If you have ever purchased a recordable DVD disc, you have probably noticed that the packaging says 4.7GB of storage space. However, when you go to burn the disc, the available free space is just 4,400 MB. This may leave a lot of folks wondering what the actual capacity of a DVD is. Let’s take a moment to discuss this discrepancy and what it means for optical media users.
The debate over storage capacity goes back far beyond optical media to the early days of computing. Many of the first computer companies were started by engineers, mathematicians, and other people from the scientific community. These people were used to reporting the capacity of their products according to the International System of Units, also known as the metric system.
The International System of Units (SI prefix) is also known as the decimal system because it is a “base 10″ system. This means that all measurements use a value of ten as their “base.” So, a disc with 4.7 gigabytes of storage space is equal to 4.7 billion bytes, right? Well, not exactly.
The majority of computer operating systems do not use a “base 10″ system for counting numerical values. Instead, they use the binary system for numerical values which is a “base 2″ system. This means that values for things such as disc space are calculated differently in binary than they are in decimal. A 4.7 GB blank DVD-R disc is actually 4.38 GiB (gibibytes) as reported by a binary operating system.
A metaphor might help explain the situation. Imagine that you are taking a road trip from the United States to Canada. The gas tank in your car holds 15 gallons of fuel, but when filling up at a Canadian gas station, the receipt reads 56.78 litres. The amount of fuel your tank holds does not change, it is only the scale of measurement that makes it seem larger or smaller.
So disc storage capacity is measured in decimal form by manufacturers and in binary form by the operating system. This is actually a widespread practice in the computer industry. Everything from optical discs to floppy diskettes, memory modules, and hard drives are all measured using a “base 2″ system. But doesn’t this discrepancy make things confusing for users? You bet it does.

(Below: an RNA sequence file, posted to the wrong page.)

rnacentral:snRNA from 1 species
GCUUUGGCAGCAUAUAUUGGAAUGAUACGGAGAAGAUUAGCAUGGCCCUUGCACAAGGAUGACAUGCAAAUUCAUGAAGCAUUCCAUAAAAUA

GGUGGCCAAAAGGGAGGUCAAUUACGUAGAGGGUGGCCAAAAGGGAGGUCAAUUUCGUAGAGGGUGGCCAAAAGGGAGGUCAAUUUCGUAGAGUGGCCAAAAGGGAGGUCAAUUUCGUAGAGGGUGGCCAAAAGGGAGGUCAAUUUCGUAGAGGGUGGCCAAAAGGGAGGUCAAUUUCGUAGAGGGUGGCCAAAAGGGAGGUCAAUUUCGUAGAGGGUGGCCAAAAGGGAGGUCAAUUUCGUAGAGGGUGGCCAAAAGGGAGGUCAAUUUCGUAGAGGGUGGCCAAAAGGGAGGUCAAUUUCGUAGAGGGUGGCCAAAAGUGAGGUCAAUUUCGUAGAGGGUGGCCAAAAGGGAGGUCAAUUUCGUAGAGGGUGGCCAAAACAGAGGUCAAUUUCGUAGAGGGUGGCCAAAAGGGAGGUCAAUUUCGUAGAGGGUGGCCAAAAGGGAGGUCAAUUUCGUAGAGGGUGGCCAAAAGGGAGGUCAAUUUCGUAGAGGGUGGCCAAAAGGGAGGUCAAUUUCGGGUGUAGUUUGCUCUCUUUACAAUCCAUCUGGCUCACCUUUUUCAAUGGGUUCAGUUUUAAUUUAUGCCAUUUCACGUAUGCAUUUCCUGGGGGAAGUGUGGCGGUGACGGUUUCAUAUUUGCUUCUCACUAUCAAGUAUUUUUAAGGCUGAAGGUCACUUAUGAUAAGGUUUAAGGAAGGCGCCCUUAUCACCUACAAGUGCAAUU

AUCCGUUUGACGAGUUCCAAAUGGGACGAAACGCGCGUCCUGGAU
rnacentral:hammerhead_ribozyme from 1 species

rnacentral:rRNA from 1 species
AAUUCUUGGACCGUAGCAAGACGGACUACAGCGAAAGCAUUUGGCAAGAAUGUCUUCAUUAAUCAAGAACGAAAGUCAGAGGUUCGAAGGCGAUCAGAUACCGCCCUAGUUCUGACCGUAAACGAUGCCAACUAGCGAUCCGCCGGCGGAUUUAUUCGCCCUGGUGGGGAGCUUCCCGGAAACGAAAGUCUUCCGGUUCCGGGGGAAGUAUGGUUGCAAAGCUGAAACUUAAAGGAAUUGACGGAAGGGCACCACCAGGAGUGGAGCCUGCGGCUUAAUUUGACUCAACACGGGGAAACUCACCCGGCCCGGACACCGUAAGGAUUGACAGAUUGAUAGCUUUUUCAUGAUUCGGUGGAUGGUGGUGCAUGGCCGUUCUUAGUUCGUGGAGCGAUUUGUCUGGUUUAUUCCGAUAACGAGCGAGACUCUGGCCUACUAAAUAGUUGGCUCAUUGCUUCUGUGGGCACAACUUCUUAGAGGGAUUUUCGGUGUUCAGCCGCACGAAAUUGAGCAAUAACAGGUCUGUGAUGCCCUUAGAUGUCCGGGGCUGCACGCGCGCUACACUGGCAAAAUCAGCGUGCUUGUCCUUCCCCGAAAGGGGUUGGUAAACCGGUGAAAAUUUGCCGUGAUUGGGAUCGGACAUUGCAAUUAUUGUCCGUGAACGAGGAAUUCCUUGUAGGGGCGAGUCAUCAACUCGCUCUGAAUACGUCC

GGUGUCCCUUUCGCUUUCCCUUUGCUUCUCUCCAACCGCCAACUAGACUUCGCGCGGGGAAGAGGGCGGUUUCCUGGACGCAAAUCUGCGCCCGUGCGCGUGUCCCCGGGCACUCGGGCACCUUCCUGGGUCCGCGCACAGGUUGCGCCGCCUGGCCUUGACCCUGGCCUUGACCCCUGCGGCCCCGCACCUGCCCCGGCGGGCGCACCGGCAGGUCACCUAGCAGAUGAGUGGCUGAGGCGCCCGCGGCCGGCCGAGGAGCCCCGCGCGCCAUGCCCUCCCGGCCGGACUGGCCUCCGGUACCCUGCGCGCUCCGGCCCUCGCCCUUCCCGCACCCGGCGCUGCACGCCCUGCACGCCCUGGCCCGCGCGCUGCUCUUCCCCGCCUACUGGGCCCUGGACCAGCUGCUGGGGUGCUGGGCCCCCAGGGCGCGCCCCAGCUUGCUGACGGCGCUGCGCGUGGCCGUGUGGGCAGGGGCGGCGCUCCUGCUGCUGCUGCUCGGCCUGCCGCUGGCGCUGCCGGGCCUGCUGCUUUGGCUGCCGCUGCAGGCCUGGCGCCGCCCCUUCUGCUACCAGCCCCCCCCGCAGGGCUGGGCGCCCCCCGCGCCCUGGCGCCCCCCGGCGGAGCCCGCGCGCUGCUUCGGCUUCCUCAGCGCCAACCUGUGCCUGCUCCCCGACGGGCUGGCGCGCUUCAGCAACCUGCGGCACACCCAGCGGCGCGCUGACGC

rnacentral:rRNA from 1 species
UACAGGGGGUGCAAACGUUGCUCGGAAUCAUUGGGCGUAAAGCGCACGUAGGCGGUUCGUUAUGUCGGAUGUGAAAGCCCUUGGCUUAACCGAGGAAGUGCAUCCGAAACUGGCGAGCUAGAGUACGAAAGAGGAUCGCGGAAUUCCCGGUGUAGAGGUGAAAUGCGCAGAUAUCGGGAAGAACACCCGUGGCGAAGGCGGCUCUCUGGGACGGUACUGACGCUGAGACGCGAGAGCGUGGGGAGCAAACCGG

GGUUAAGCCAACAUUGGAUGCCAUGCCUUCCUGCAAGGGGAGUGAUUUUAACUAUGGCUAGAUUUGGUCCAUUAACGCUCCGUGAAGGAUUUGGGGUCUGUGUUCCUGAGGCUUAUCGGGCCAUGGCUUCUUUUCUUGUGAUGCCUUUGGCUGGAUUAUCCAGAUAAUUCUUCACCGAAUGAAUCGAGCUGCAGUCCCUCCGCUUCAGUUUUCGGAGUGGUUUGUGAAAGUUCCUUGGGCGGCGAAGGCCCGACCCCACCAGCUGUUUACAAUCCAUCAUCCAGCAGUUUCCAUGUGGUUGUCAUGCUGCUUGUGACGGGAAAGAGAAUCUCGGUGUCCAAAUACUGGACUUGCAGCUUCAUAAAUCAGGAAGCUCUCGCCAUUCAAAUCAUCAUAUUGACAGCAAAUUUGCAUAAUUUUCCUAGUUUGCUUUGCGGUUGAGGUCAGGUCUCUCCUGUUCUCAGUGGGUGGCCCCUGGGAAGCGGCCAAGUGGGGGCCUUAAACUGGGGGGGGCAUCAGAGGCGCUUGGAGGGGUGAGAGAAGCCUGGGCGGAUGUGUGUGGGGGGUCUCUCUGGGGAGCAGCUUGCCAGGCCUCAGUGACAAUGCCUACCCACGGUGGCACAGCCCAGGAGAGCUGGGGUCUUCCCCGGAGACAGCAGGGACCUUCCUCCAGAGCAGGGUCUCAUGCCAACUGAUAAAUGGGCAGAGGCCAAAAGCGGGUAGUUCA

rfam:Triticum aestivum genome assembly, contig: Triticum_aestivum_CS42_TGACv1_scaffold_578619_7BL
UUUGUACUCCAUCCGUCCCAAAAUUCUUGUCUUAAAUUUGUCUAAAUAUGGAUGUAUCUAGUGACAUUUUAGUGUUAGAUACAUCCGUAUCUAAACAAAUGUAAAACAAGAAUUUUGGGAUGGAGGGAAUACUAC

Back in 2005, a lawyer from New Mexico filed a class-action lawsuit against Western Digital, Seagate, and other manufacturers of computer hard drives. His claim was that these companies were intentionally misleading consumers by advertising their hard drives in the (larger) decimal system rather than the binary system. A computer hard drive advertised as 80GB by the manufacturer would be reported as 74.4 GB by the operating system.
It’s hard to pin the blame for this on hard drive manufacturers, as they had been following an industry-standard practice for decades. However, the lawyer and the hard drive companies eventually reached an agreement. Hard drive manufacturers agreed to be clearer about their advertising claims in the future. As part of the settlement, Western Digital gave away free copies of their software to customers who had purchased the hard drives.
Until a similar case is brought against optical disc manufacturers, they will likely continue the long-standing practice of using SI units for measuring the capacity of blank recordable media. Here is a table to help illustrate the differences between decimal and binary measurements for some common types of blank discs.
So let’s take a look at our original question: what is the actual storage capacity of a DVD disc? Well, it is 4.7GB if measured in the decimal form and 4.3GB if measured in binary form. Either way, it is enough space to store 2 hours of DVD quality video and audio. I hope this article has been useful to you!